Sorry it has taken me so long to get this out. I’ve had it written for almost two weeks, but a head cold (on top of everything else) has taken more out of me than I expected. The words are finally not swimming on the page, so I hope I’ve caught my typos and everything makes sense.
The holiday shopping season is in full swing. As much as I love the buying and giving of gifts, it feels a little early for my tastes, but it is what it is. I am, however, trying to restrain myself from becoming too sales-y without getting lost in the shuffle. So I am going to share some ways that you can help your friends (female or male) operating some form of small business, like myself, to thrive during the holiday season.
Whether your friends are operating a small physical shop, an online shop, or serving as a direct sales or multi-level marketing consultant, we are all just doing our best to fulfill our dreams and make a way in this world. We all face enough criticism and can use some encouragement from our friends and loved ones.
Now, I know there is a lot of hate for MLM’s out there. Some of it is well deserved, but not all companies or independent contractors are created equal. Unfortunately the bad apples tend to be the loudest. But just you wouldn’t give up all on-line retailers or all department stores because of poor service or shady practices of a few, you shouldn’t just write off all MLM/direct sales companies because of a few.
You probably have several REAL friends who are doing their best to bring in some extra money with a direct sales business, and you might not even know about it because they don’t want to be too sales-y or annoying or any of the other traits they are afraid they are going to be labeled with for trying a new opportunity.
So here are a few ways you can genuinely support the real people you know and respect with their business.
Ask about their business
Make an open social media post, give them the opportunity just to say “I sell …” and share a link. That way you and your other friends will at least know who they can ask for their lipstick, kitchen wear, leggings, jewelry, or whatever.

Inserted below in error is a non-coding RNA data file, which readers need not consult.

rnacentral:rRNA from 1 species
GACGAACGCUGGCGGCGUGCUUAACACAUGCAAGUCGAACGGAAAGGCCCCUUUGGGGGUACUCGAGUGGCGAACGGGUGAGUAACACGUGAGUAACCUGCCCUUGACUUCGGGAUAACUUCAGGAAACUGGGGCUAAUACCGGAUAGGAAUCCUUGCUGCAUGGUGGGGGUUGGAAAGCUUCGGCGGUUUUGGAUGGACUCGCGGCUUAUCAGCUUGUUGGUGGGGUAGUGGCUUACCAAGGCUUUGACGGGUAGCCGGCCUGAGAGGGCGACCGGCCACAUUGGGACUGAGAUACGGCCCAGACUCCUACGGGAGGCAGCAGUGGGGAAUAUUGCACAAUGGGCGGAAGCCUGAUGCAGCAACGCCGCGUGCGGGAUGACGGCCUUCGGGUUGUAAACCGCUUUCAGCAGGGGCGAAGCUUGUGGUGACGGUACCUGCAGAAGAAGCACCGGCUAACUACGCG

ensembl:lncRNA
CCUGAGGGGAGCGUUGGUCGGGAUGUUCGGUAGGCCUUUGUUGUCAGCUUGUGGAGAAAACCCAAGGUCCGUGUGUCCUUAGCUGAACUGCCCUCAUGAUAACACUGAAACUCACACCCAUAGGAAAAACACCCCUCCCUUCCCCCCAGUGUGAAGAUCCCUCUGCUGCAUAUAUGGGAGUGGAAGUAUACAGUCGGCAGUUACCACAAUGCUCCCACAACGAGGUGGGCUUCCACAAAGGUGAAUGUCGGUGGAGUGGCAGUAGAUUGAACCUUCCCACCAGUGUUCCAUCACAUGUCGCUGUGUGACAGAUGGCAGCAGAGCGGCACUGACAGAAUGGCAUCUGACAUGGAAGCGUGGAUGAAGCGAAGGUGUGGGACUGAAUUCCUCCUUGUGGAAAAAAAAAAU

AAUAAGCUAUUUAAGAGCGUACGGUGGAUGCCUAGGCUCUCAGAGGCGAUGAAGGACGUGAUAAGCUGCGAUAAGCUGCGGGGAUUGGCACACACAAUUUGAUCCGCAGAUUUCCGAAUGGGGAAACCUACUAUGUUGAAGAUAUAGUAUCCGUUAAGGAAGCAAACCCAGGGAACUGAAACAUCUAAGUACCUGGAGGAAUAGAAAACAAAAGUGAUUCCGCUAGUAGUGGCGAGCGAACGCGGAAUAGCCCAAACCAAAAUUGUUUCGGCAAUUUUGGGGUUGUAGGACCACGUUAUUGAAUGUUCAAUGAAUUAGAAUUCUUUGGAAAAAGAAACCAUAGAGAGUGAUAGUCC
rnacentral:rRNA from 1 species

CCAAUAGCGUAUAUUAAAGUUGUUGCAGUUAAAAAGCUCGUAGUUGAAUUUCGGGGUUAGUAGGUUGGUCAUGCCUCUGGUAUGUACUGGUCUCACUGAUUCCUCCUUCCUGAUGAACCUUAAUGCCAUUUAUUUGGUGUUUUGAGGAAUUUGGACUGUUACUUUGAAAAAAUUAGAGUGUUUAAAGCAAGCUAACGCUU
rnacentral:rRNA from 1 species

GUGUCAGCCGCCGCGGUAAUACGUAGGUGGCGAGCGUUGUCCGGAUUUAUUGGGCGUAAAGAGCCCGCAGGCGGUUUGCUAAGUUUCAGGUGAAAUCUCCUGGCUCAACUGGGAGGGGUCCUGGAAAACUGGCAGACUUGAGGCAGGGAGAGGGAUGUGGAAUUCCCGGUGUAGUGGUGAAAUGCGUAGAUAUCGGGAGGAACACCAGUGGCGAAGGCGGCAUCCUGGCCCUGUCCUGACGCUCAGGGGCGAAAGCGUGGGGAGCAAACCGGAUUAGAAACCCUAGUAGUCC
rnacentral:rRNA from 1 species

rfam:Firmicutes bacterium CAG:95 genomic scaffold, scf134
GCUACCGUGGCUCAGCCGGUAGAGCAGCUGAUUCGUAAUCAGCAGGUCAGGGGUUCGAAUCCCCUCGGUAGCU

Try the product. Accept the samples, attend the sales pitch, check out the website. Get to know the quality of the products so you can recommend them with confidence. You might find something you love.
I think it is important here to add saying “No, thank you.” If you are really not interested in their product after legitimately looking into it, tell them so. Don’t string them along letting them think you will engage, host, or shop at a later date. Don’t be a drag on their online algorithm. Don’t shove the elephant in the room in between the two of you. Preserve your friendship with your honesty.
Engage & Share
Give them a shout out. Share their business page or website on your social media. Share your experience with your friend and why you support the person. Share why you like the product.
Did you get complements on your sensational skin or amazing earrings from your latest selfie? Tag your consultant in your reply. Show off your new lipstick or manicure and tag your consultant in the caption.
Engage with their social media posts. This helps improve their algorithms and gets the post seen by more people. It also helps new followers to feel the love and get to know more about the consultant and product. It creates community. I’ve actually made a few online friends from direct sales groups that I wouldn’t have met without a common consultant.
Take a moment online or in person to encourage them in their business. Heck do this with all your friends in their endeavors. It always feels good to have whatever you are working hard at recognized by others.
Not into kitchen utensils, but have a friend who loves to cook? Refer them to your consultant friend. The best way to support your trusted friend with referrals would be to offer a list of a few people who may be legitimately interested and their phone numbers to the consultant. If you are not comfortable with that ask for a few extra business cards and offer them to your friends with your hearty recommendation to check them out.
This costs you nothing but an evening spent with your friends. Giving your direct sales friends the opportunity to share their story and their product with a larger audience is huge! My company in particular is built on those personal relationships with product that you really have to try to appreciate.
Well, obviously, buy from them. But buy it because you like the product not just the sales person. As we approach the holidays consider your friends as a source for buying gifts. They will give you much better service than you get at big box stores or faceless websites.
I LOVE to support other small businesses. If you are reading this drop your small business, side hustle, Etsy shop, or direct sales company in the comments. I’d love to hear what you are up to! I am an Independent Beauty Consultant for an amazing company, you can learn more about our amazing offerings here.
Direct Selling Association’s Code of Ethics and Membership Directory